[00:03:04] Matt Rotundo: Awesome. Yeah, I feel like we all start off as lurkers on like any online community Uh, I feel like a lot of people can probably relate to your beginnings I feel like it goes without saying that now you are very comfortable in all tricks. It is one thing to be, you know, very comfortable in the program, but it's another thing to go into the community and seek out others that are having issues and problems and questions.

Where do you find your motivation to log in every day and look through all the questions people have and, you know, give your input or give your answers or however you want to approach that? 

[00:03:43] Calvin Tang: I mean, one of the greatest joys in my life is helping people, and it can come in any form, like just having a simple conversation, just answering people, or just talking to people, or maybe posting here and there.

It makes people feel they have a problem, and then you have a potential solution that can help them. It makes my day better as well. One of the main goals why I love using Alteryx and I love using tools in general is so that I can make the lives of other people better. That's my true motivation of getting up every day.

It's, you know, starting to work, starting to build, starting to answer people. And I would say that the community is designed in such a way that that is very conductive to answer questions. And it's also very conductive to generate interest in certain ideas. And it's very conductive for you to get people onto the same idea as you.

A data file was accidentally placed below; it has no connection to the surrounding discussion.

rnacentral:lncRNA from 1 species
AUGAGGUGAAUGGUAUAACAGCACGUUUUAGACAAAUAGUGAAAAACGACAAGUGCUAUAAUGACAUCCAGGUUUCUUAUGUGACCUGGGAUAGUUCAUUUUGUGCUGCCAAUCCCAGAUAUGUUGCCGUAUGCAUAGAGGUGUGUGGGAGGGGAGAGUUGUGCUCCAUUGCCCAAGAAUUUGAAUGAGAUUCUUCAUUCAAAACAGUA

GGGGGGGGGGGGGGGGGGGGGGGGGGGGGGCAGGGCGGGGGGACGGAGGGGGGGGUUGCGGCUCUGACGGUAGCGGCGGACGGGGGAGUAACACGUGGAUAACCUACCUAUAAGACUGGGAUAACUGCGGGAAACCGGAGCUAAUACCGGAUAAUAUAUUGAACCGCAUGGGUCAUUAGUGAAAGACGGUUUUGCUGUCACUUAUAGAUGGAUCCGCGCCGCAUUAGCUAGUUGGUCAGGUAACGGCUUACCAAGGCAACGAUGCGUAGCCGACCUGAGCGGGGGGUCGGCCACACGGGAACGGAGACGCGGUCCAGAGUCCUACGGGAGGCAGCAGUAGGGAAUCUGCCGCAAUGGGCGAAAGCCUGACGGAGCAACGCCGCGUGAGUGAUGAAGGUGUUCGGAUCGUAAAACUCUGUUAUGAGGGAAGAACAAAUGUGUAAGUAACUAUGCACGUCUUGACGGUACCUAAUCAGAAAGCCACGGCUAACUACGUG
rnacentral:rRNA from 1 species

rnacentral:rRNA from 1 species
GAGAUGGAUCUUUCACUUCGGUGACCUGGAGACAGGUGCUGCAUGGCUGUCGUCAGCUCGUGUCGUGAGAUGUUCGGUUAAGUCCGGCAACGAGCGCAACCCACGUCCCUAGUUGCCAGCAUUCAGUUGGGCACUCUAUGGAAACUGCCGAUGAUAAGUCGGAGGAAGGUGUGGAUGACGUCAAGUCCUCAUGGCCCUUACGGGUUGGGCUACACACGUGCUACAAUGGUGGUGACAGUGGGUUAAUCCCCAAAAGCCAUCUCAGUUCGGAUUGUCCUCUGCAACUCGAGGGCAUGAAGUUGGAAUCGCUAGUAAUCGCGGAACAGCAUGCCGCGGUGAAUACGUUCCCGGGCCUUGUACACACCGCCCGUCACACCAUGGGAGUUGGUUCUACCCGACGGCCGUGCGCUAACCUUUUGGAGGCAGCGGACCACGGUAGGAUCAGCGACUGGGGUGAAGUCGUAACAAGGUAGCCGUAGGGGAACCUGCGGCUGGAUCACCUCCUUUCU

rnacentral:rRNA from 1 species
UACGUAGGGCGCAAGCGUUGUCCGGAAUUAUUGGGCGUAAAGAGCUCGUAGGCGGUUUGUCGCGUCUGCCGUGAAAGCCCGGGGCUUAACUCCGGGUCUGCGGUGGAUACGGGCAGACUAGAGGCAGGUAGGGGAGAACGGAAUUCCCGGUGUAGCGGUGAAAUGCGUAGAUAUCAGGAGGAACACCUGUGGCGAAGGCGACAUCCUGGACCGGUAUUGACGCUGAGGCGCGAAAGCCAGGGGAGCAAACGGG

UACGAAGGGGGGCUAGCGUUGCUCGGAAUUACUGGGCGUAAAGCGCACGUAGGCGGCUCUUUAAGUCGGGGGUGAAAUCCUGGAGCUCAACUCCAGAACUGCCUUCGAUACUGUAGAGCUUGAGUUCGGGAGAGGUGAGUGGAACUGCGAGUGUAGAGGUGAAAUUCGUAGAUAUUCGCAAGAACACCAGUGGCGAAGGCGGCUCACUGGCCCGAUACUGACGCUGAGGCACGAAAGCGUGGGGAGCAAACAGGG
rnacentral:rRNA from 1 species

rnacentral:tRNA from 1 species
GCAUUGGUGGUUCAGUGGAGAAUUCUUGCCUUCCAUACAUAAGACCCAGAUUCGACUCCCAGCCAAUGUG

And it's also very good to challenge some perceptions that you may have. For example, I may solve one way and maybe Chiu from Japan may solve in a different way. And I get to learn from how they solve it. I learned a lot from the other community members as well. So that's why I'm there. It's a win win situation because if I answer someone, someone else answers as well, I get to learn a better way, a faster way, a more efficient way, things like that.

[00:04:59] Matt Rotundo: That's, it sounds very selfless when you say it like that. So we, we on the community greatly appreciate, you know, people taking the time to help others with their problems and learn from their peers as well. You know, it's, it's a never ending journey. So then my next question for you then is. When you come across a problem that you don't immediately know the answer to, how do you approach that?

Do you look on the community for other people experiencing something like that? Or do you take your own kind of approach to difficult to answer problems? 

[00:05:32] Calvin Tang: I think the question applies to all problems. Because every problem in the community is very unique. And the way people write is very unique.

Sometimes English may not be their first language. And the English forum is the most active one amongst all the languages. So sometimes you get people who are not fluent in English, and they come in and they have some problems if they are. Now, I think the first problem that anyone would face on the community is trying to understand the problem.

Sometimes a lot of it doesn't come with the proper data, inputs, or even a proper output. Sometimes it's just a one liner. Hey, can you help me with this? And then you look at the question, like, what is this? Right? There's nothing there. There's like no information. Those, those things are really complicated.

And then there are some who really put in the effort. To write the question really thoroughly with copious amounts of detail. There are those who give you very complicated use cases. I mean, I've solved some in the past. And how it would tackle it is the same with any other problem. First thing is always to try to understand.